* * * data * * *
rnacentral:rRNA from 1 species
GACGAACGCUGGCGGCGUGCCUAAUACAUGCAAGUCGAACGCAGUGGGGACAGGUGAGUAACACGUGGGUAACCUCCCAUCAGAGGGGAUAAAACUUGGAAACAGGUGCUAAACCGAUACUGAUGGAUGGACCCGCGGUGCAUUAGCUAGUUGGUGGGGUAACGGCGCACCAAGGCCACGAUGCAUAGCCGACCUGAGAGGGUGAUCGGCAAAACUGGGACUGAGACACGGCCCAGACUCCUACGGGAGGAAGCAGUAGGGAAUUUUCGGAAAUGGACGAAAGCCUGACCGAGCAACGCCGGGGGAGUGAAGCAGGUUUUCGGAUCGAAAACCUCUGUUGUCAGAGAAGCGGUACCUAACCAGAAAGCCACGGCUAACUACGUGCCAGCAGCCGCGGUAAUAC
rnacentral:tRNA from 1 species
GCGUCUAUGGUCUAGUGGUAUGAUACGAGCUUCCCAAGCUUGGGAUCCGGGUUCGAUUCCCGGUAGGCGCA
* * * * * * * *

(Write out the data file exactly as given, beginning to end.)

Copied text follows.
rnacentral:rRNA from 1 species
GACGAACGCUGGCGGCGUGCCUAAUACAUGCAAGUCGAACGCAGUGGGGACAGGUGAGUAACACGUGGGUAACCUCCCAUCAGAGGGGAUAAAACUUGGAAACAGGUGCUAAACCGAUACUGAUGGAUGGACCCGCGGUGCAUUAGCUAGUUGGUGGGGUAACGGCGCACCAAGGCCACGAUGCAUAGCCGACCUGAGAGGGUGAUCGGCAAAACUGGGACUGAGACACGGCCCAGACUCCUACGGGAGGAAGCAGUAGGGAAUUUUCGGAAAUGGACGAAAGCCUGACCGAGCAACGCCGGGGGAGUGAAGCAGGUUUUCGGAUCGAAAACCUCUGUUGUCAGAGAAGCGGUACCUAACCAGAAAGCCACGGCUAACUACGUGCCAGCAGCCGCGGUAAUAC
rnacentral:tRNA from 1 species
GCGUCUAUGGUCUAGUGGUAUGAUACGAGCUUCCCAAGCUUGGGAUCCGGGUUCGAUUCCCGGUAGGCGCA